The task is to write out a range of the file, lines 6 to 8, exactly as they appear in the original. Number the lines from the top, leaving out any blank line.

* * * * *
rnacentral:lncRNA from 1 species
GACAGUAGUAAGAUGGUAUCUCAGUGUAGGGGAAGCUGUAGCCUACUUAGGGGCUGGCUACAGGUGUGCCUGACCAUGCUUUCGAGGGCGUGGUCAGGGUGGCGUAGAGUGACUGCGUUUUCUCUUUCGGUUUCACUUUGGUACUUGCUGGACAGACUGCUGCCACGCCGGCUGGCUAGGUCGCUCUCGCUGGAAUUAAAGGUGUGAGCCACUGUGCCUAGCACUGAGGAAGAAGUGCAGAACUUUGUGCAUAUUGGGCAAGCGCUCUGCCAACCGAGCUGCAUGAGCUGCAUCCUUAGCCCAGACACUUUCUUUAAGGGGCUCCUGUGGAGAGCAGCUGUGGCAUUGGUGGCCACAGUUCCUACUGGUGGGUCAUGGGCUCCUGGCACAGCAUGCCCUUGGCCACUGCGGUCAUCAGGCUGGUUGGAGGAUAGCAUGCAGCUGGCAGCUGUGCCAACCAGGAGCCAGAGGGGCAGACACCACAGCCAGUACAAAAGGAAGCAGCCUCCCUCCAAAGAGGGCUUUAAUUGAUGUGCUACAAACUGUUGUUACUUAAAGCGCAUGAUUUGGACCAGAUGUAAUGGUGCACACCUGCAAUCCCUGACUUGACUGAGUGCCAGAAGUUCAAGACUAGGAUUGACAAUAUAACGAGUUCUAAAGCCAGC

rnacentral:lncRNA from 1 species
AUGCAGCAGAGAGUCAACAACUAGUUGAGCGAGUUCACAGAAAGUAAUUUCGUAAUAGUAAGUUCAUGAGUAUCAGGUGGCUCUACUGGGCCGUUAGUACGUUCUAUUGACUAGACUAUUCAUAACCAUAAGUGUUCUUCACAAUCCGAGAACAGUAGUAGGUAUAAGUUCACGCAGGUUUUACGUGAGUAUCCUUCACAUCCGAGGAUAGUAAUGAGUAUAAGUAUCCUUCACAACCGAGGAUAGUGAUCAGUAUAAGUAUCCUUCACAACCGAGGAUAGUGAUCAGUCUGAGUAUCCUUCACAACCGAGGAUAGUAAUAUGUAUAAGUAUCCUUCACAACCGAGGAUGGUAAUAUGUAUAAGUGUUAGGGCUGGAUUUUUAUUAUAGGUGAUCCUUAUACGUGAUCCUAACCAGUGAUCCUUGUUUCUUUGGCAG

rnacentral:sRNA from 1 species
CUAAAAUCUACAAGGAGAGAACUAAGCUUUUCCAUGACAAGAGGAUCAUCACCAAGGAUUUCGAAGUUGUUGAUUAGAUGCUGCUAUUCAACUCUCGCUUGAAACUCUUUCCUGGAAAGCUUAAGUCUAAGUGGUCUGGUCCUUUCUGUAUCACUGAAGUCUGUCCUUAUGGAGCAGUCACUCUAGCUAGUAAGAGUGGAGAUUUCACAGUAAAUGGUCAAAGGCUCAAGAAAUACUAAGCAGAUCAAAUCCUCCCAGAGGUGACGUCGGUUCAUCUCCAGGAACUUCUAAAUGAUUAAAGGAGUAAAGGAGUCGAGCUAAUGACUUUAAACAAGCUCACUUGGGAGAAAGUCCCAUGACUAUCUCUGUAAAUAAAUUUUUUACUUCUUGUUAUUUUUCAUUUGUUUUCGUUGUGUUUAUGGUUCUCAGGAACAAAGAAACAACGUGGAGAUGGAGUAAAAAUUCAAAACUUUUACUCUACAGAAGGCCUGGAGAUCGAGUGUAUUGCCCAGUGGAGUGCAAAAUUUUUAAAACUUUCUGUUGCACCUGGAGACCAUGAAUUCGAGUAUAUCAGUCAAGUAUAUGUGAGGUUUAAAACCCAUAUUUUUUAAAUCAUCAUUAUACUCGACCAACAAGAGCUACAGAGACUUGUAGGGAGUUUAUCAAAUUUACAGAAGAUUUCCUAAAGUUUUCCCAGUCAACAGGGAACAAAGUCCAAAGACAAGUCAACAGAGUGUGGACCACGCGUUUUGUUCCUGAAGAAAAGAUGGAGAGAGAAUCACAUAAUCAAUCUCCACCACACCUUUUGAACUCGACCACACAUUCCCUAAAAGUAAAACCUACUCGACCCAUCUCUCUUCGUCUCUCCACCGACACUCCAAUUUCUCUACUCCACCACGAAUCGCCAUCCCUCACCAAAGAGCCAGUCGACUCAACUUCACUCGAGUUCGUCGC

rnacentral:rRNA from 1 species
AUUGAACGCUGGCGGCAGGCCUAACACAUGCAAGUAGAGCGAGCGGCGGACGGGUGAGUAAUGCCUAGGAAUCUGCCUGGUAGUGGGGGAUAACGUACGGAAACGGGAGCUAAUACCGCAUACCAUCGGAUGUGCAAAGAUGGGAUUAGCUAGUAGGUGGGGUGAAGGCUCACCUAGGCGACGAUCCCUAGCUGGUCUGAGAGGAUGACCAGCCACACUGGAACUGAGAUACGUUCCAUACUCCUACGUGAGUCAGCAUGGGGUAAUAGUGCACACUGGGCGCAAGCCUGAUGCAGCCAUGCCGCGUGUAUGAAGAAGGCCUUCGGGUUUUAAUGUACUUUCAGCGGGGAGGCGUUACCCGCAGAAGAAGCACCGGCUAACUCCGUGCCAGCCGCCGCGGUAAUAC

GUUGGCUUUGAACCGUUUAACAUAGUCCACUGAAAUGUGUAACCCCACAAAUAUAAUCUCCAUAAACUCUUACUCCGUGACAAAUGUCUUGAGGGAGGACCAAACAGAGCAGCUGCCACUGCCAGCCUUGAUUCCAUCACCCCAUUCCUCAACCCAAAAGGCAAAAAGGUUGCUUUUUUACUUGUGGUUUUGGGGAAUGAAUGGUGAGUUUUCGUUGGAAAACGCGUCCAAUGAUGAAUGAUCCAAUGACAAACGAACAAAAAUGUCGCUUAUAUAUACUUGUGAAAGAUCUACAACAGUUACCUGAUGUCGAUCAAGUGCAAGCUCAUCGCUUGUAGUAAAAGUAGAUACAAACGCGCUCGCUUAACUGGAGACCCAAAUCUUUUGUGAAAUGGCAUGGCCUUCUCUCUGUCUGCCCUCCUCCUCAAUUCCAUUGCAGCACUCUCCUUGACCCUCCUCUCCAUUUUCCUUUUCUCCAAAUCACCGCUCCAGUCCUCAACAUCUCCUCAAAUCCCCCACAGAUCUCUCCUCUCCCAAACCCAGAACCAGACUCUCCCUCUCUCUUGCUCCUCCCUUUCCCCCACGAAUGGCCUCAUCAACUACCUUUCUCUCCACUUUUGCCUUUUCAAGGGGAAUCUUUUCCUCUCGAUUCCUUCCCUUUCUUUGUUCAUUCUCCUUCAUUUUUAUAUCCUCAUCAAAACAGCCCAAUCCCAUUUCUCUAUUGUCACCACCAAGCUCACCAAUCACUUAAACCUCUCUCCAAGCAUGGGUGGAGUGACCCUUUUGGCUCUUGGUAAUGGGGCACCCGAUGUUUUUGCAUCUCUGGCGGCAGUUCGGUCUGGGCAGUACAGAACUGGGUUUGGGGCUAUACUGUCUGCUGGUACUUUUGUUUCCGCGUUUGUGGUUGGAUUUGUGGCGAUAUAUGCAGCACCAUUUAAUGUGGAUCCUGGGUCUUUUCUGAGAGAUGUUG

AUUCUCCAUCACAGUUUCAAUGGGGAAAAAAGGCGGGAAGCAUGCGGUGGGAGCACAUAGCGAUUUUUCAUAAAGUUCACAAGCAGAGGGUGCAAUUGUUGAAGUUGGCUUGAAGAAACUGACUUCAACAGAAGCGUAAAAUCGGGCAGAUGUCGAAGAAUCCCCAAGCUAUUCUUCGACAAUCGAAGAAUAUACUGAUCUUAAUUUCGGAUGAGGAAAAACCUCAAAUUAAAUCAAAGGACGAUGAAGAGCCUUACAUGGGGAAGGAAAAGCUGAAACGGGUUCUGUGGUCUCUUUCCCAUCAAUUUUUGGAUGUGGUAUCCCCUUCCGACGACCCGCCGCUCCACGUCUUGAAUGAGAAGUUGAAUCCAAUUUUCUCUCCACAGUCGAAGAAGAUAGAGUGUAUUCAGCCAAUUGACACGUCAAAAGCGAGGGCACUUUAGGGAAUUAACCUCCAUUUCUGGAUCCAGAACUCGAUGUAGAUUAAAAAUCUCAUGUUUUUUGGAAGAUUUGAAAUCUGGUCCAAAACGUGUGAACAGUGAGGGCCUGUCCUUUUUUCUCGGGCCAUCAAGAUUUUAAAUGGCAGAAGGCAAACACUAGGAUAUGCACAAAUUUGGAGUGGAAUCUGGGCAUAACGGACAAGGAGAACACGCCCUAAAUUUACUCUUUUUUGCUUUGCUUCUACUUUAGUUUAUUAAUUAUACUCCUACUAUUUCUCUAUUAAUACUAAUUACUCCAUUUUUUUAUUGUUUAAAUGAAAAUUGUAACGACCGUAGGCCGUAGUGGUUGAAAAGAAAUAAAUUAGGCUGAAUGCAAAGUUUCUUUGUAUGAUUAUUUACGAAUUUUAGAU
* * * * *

CUAAAAUCUACAAGGAGAGAACUAAGCUUUUCCAUGACAAGAGGAUCAUCACCAAGGAUUUCGAAGUUGUUGAUUAGAUGCUGCUAUUCAACUCUCGCUUGAAACUCUUUCCUGGAAAGCUUAAGUCUAAGUGGUCUGGUCCUUUCUGUAUCACUGAAGUCUGUCCUUAUGGAGCAGUCACUCUAGCUAGUAAGAGUGGAGAUUUCACAGUAAAUGGUCAAAGGCUCAAGAAAUACUAAGCAGAUCAAAUCCUCCCAGAGGUGACGUCGGUUCAUCUCCAGGAACUUCUAAAUGAUUAAAGGAGUAAAGGAGUCGAGCUAAUGACUUUAAACAAGCUCACUUGGGAGAAAGUCCCAUGACUAUCUCUGUAAAUAAAUUUUUUACUUCUUGUUAUUUUUCAUUUGUUUUCGUUGUGUUUAUGGUUCUCAGGAACAAAGAAACAACGUGGAGAUGGAGUAAAAAUUCAAAACUUUUACUCUACAGAAGGCCUGGAGAUCGAGUGUAUUGCCCAGUGGAGUGCAAAAUUUUUAAAACUUUCUGUUGCACCUGGAGACCAUGAAUUCGAGUAUAUCAGUCAAGUAUAUGUGAGGUUUAAAACCCAUAUUUUUUAAAUCAUCAUUAUACUCGACCAACAAGAGCUACAGAGACUUGUAGGGAGUUUAUCAAAUUUACAGAAGAUUUCCUAAAGUUUUCCCAGUCAACAGGGAACAAAGUCCAAAGACAAGUCAACAGAGUGUGGACCACGCGUUUUGUUCCUGAAGAAAAGAUGGAGAGAGAAUCACAUAAUCAAUCUCCACCACACCUUUUGAACUCGACCACACAUUCCCUAAAAGUAAAACCUACUCGACCCAUCUCUCUUCGUCUCUCCACCGACACUCCAAUUUCUCUACUCCACCACGAAUCGCCAUCCCUCACCAAAGAGCCAGUCGACUCAACUUCACUCGAGUUCGUCGC

rnacentral:rRNA from 1 species
AUUGAACGCUGGCGGCAGGCCUAACACAUGCAAGUAGAGCGAGCGGCGGACGGGUGAGUAAUGCCUAGGAAUCUGCCUGGUAGUGGGGGAUAACGUACGGAAACGGGAGCUAAUACCGCAUACCAUCGGAUGUGCAAAGAUGGGAUUAGCUAGUAGGUGGGGUGAAGGCUCACCUAGGCGACGAUCCCUAGCUGGUCUGAGAGGAUGACCAGCCACACUGGAACUGAGAUACGUUCCAUACUCCUACGUGAGUCAGCAUGGGGUAAUAGUGCACACUGGGCGCAAGCCUGAUGCAGCCAUGCCGCGUGUAUGAAGAAGGCCUUCGGGUUUUAAUGUACUUUCAGCGGGGAGGCGUUACCCGCAGAAGAAGCACCGGCUAACUCCGUGCCAGCCGCCGCGGUAAUAC